"I Am God"

My relationship with Christ is something I take great pride in.  I work at it.  It ebbs and flows, because of my devotion, not His.  Sometimes it is easier than others.  In some circles, it is accepted, but not popular.  In others, it’s not accepted or popular.  I’ve encountered as much of the latter in the Church as I have in the world.  Admittedly, I am an evangelical.  I am not passive about my faith.  I don’t consider being a Christian a southern American principle.  If I am a follower of the Nazarene, then more times than not, the world and the Church are not going to be in accord with His outlook.  It has been that way since time immemorial.  

A lot of my blogs focus on the sovereignty of God.  In an age of “do whatever you want and it’s all ok,” we have lost sight of the divine dominion of Almighty God.  This has always been true in the world, but today, the Church is not much different.  The Church has fallen for the lie that the world tells, of there being no right and wrong, no absolutes, and no truth.  My question for the nonchalant believer is, what is your faith placed in?  What idol are you worshipping? 

 “You shall have no other gods before Me. “You shall not make for yourself an image in the form of anything in heaven above or on the earth beneath or in the waters below. You shall not bow down to them or worship them; for I, the LORD your God, am a jealous God, punishing the children for the sin of the parents to the third and fourth generation of those who hate me, but showing love to a thousand generations of those who love Me and keep my commandments.  “You shall not misuse the name of the LORD your God, for the LORD will not hold anyone guiltless who misuses His Name (Exodus 20:37.)”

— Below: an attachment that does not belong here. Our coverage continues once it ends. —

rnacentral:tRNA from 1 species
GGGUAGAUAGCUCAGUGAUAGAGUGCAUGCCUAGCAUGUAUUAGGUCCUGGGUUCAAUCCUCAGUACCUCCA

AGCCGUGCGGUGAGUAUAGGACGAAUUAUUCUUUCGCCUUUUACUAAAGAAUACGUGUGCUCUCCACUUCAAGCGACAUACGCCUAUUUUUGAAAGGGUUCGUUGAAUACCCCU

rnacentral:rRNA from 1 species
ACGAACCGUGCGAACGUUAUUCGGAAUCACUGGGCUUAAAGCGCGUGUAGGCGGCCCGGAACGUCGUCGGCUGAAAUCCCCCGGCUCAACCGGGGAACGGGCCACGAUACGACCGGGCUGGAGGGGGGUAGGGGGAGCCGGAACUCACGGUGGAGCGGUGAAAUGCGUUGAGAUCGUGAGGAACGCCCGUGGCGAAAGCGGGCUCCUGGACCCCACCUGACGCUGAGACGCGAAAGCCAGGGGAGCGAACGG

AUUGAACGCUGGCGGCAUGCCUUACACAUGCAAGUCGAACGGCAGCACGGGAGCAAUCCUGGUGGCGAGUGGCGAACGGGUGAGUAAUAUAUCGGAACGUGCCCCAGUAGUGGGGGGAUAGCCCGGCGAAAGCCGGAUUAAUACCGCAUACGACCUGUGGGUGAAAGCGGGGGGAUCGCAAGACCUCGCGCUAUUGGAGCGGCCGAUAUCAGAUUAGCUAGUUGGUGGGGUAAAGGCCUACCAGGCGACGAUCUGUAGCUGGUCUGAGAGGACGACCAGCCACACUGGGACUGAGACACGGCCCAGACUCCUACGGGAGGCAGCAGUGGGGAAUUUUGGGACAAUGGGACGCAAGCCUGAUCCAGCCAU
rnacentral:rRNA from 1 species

Most believers will recognize those as the first three of the Ten Commandments that were given to Moses.  All three deal with the sovereignty of God, the separation of God and Man.  Much of the Church now writes off the Old Testament as “pre-Jesus,” and, therefore irrelevant.  Seeing how Jesus taught specifically on the Ten Commandments, I’m not sure that a true follower of Christ can simply write them off.  

I talk to a lot of people of faith during the week.  I use those chats to gain insight, to learn, to grow.  I have a variety of spiritual mentors.  Christianity isn’t just something I do on Sunday, it’s who I am as a person.  I don’t understand why one would call themselves a Christian, and then not be passionate about it.  One of the main parts of being a Christian is realizing your absolute need for the life-saving grace of Jesus Christ.  Once accepting of that grace you are honor bound and mission-driven to share that message with others who need it.  

How can you share it when you make no effort to be active in your faith?  Sure, you can call yourself a Christian, but you could just as easily call yourself an aardvark.  I am personally pained by all those who call themselves Christians but have no knowledge of the Christ that they profess.  Todd Agnew may have said it the best I have ever heard when he sang, “If Ephesians says to imitate Christ, why do you look so much like the world?”